The craft beer craze was in full bloom before the unfortunate effects of the pandemic. Before 2020, it looked as though a new brewery was opening every week!
Nowadays, many breweries have had to change their business model to keep afloat. But, at some point, we know the COVID-19 crisis will subside. This could be a unique time to start your own craft brewery.
Insurance for craft breweries is one of those things you need to check off your list before you begin making and selling your beverages. So, we’d like to run you through all the aspects you need to consider when choosing insurance for your brewery.
Let’s get to it!
Why Insurance Is Vital for Craft Breweries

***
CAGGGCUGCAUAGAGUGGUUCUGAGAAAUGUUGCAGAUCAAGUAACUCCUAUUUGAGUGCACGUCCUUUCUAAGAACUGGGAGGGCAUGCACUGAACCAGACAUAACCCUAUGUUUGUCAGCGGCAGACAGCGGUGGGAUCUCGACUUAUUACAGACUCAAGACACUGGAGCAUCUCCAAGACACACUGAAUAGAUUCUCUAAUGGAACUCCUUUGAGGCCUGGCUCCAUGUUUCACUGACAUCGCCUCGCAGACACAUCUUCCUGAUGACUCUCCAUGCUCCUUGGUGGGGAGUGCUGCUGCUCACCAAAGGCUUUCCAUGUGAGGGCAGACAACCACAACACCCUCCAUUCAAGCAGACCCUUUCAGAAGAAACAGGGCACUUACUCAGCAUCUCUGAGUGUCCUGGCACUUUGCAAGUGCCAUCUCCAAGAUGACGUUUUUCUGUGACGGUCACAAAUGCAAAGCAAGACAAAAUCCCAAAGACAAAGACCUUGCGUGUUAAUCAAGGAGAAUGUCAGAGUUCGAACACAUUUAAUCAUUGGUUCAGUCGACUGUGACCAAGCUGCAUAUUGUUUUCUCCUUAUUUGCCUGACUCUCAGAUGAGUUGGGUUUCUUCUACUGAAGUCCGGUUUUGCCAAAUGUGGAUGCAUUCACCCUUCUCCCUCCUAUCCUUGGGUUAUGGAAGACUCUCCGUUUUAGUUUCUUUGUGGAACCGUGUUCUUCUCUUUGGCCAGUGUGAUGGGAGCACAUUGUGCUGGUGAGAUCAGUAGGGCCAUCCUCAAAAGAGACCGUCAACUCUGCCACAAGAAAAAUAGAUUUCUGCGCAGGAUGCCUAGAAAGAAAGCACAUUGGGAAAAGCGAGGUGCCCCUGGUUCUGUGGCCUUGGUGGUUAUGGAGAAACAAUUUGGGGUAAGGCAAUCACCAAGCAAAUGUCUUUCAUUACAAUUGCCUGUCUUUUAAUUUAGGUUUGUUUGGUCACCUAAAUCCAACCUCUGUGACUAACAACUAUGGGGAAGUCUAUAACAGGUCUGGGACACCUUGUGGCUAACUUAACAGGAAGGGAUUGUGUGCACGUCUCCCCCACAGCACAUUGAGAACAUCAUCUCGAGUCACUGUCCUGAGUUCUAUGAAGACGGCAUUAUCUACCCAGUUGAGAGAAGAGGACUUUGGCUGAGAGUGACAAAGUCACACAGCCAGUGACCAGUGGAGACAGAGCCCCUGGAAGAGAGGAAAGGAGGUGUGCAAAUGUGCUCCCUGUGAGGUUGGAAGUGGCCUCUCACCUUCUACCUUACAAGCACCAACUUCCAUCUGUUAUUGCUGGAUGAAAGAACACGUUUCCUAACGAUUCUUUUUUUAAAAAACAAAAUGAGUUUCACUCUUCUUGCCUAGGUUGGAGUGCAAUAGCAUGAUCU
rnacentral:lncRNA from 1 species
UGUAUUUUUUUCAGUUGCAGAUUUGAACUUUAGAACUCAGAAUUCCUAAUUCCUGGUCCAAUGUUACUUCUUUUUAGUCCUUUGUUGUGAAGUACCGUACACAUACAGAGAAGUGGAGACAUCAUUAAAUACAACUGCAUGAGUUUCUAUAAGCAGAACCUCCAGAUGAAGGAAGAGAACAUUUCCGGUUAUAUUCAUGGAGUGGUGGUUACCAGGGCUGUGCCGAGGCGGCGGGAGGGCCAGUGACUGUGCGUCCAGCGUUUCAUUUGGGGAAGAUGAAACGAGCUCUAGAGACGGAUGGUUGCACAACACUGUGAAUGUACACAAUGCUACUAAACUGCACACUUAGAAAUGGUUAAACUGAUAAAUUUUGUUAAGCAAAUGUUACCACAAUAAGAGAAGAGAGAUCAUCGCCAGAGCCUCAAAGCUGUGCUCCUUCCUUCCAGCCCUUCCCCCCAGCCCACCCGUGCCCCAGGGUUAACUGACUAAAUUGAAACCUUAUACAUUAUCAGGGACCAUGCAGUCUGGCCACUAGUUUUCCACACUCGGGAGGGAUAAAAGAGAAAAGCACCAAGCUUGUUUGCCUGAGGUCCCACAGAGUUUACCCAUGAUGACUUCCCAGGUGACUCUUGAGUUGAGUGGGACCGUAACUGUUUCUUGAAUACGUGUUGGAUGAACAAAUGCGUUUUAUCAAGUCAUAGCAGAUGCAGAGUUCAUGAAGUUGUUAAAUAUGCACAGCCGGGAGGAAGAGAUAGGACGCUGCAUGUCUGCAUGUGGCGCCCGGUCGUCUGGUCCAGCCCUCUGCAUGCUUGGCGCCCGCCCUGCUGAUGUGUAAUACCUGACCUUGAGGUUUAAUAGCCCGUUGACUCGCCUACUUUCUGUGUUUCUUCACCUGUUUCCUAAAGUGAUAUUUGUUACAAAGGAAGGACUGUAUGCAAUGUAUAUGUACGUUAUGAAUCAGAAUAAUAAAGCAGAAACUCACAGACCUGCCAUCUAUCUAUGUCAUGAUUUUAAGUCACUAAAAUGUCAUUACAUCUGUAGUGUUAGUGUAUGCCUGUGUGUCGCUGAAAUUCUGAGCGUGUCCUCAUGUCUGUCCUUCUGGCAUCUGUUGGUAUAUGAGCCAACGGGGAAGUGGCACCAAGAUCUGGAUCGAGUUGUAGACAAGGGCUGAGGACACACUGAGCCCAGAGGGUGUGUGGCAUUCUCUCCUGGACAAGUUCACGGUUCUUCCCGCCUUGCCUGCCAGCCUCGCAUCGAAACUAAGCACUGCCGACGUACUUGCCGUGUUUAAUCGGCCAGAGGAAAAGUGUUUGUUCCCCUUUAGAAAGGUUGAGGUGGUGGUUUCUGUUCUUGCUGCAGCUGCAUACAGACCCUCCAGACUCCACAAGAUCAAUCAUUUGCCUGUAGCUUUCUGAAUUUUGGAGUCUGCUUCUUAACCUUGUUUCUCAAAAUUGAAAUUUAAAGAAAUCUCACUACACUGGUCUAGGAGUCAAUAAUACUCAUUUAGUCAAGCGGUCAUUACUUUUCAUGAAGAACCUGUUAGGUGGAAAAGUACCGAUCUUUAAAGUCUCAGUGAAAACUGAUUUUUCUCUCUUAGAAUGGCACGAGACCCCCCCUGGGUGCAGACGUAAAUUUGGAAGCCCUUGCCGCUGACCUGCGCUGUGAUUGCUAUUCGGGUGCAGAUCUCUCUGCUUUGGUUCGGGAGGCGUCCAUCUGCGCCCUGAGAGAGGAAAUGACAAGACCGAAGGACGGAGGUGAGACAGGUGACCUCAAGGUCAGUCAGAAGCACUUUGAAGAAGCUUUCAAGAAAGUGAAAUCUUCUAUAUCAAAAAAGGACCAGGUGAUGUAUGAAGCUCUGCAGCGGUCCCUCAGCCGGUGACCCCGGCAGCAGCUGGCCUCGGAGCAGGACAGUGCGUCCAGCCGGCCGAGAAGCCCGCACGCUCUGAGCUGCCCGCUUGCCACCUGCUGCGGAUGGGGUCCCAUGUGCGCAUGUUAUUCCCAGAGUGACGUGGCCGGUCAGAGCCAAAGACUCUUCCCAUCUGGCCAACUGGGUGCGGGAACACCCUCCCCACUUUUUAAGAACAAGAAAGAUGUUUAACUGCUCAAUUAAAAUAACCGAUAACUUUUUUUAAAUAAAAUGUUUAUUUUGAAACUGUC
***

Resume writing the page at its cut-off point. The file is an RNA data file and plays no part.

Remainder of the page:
Ensuring you have protection for your business is crucial. Sure, you could go years without ever having to file a claim, but the moment you need it, you’ll be glad you have it. You never know what stumbling block is lurking around the corner.
You should ask yourself what risks you are willing to take on? Also, do you have enough money to cover yourself if the problems you anticipate, and the ones you don’t, come to fruition?
If you don’t have a significant nest egg to bolster your business in tough times, you need to up your insurance amount. Without insurance, you could be one accident away from having to close shop.
Risk and Liability for Craft Breweries
You’re responsible for more than simply the beer you make as a brewery operator. It’d be wonderful to concentrate just on the brewing, but there are additional dangers to consider. The hazards for which you must prepare may vary depending on the sort of brewery you operate.